In 1960 Davis was named principal conductor at Sadler's Wells, a position he maintained until 1965. In 1964, he married Ashraf Nani, a student of Persian descent. Also during this time he made his debut in the United States. In 1961 he appeared with the Minneapolis Symphony, and in 1964, he performed at Carnegie Hall in New York as part of a worldwide tour of the London Symphony Orchestra. These appearances greatly increased Davis's international fame. In 1965 he was named Commander of the Order of the British Empire; he was knighted in 1980. At the end of 1965 Davis was rumored to be in line to become the next chief conductor of the London Symphony Orchestra; however, the position was given to Istvan Kertesz. Instead, Davis accepted an offer to become the chief conductor of the BBC Symphony Orchestra, a position that became effective in 1967. During the interim, Davis most often affiliated himself with the London Symphony Orchestra and traveled to the United States for several extended engagements. He also produced recordings under the Philips label, including the London Symphony Orchestra Chorus's performance of Handel's Messiah, which won France's Grand Prix du Disque Mondiale. A 1966 performance of Berlioz's' opera Les Troyens in London established Davis as the preeminent interpreter of Berlioz's' works.
During the late 1960s rumors spread again, this time that Davis would be asked to take the place of the revered Leonard Bernstein at the podium of the New York Philharmonic. As it happened, Davis was invited to become chief conductor of the Boston Symphony; however, he chose rather to accept an offer in 1971 to become the musical director of the Royal Opera at Covent Garden, a prestigious post he held with distinction for fifteen years. During his tenure at Covent Garden, Davis produced over 30 operas. Most notable were his performances of Mozart, Berlioz, Verdi, and contemporary composer Sir Michael Tippett. Davis served as the principal guest conductor of the Boston Symphony Orchestra from 1972 to 1983. In that year he was named the principal conductor and music director of the renowned Bavarian Radio Symphony Orchestra in Munich, Germany. In 1985 he resigned from his duties with the Royal Opera to devote himself to his work in Munich and a heavily booked schedule of performances worldwide. In 1988 he was named to an international chair at the Royal Academy of Music. Davis returned to England in 1992 to become the principal conductor of the Royal Philharmonic Orchestra. Having retained his ties to the London Symphony Orchestra, he became the company's chief conductor in 1995. In the same year he was awarded a Gold Medal from the Royal Philharmonic Society. He also served as the principal guest conductor for the Dresden Staatskapelle from 1990 and for the New York Philharmonic from 1998.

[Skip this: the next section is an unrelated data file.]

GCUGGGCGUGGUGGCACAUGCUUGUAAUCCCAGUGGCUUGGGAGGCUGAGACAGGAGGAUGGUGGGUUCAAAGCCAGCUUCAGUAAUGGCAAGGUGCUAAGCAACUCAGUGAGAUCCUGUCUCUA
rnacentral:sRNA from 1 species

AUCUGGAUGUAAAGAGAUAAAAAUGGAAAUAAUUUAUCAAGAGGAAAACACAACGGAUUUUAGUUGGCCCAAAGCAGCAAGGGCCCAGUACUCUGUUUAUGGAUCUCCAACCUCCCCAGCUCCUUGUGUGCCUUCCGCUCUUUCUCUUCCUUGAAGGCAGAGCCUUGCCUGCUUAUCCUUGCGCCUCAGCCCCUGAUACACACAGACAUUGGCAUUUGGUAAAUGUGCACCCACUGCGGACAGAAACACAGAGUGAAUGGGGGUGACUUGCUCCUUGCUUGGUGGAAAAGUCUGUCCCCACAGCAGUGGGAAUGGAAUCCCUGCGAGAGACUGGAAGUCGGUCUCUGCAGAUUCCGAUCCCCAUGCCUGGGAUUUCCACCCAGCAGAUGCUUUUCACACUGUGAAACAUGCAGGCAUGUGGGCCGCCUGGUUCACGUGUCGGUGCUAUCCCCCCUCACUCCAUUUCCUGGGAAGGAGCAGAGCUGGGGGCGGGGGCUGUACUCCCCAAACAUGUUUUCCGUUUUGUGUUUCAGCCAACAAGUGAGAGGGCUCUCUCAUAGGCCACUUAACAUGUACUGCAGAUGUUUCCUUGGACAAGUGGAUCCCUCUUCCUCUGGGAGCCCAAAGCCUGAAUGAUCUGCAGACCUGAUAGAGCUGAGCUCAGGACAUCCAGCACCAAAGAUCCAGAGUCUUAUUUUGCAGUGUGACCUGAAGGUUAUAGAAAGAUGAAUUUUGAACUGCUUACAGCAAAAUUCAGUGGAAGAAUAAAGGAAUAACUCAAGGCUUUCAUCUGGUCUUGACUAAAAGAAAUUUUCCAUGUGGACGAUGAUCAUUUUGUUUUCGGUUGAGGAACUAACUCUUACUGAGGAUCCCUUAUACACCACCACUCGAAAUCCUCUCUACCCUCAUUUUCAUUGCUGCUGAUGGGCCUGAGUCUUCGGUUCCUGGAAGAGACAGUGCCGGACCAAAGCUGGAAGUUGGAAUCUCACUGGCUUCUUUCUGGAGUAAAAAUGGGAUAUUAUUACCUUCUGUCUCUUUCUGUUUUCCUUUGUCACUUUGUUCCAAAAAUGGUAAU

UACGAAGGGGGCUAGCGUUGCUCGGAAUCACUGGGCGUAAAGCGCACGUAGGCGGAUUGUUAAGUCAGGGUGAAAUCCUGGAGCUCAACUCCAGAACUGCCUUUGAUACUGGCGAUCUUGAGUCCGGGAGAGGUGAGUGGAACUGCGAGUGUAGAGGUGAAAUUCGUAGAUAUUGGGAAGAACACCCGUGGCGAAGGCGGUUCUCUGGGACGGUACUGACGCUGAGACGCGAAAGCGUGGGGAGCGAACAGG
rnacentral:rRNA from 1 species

Along with his nearly unmatched career as one of the world's most important maestros to step behind the podium, Davis has also had a productive career in recorded music. His discography is long and impressive. Of particular note are his recordings of the music of Sibelius and Berlioz, which have spanned the entirety of the composers' works. In a review Berlioz's' Les Troyens, released in 2001 on the album LSO Live, Opera News reviewer Joshua Rosenblum commented on Davis's skill on both this album and his original release of Les Troyens in 1969: "The real hero of both recordings is Davis, whose lifelong devotion and impressive discography have probably done more for Berlioz appreciation than anyone or anything else." Rosenblum called Davis's 2001 version "splendid by any standard, with superb sonics and an exceptional supporting cast."
Davis continues his work with the London Symphony Orchestra. He maintains his position void of any administrative duties, but actively leads from the podium and retains his passion for music. In an interview in 2001 with Opera News Davis explained, "[Music] isn't in the notes. It's in the human heart. And you can theorize too much. We use our brains too much. These pieces are so emotional. Mozart is expressing something that is more than human."
Blyth, Alan, Colin Davis, Drake Publishers, 1973.
Kuhn, Laura, Baker's Dictionary of Opera, Schirmer Books, 2000.
Larue, C. Steven, ed., International Dictionary of Opera, St. James Press, 1993.
Sadie, Stanley, ed., The New Grove Dictionary of Music and Musicians, Macmillan Publishers, 2001.
Slonimsky, Nicolas, ed., Baker's Biographical Dictionary of Musicians, Schirmer Books, 2001.
Economist, September 28, 1991.
Opera News, October 21, 2001; November 2001. □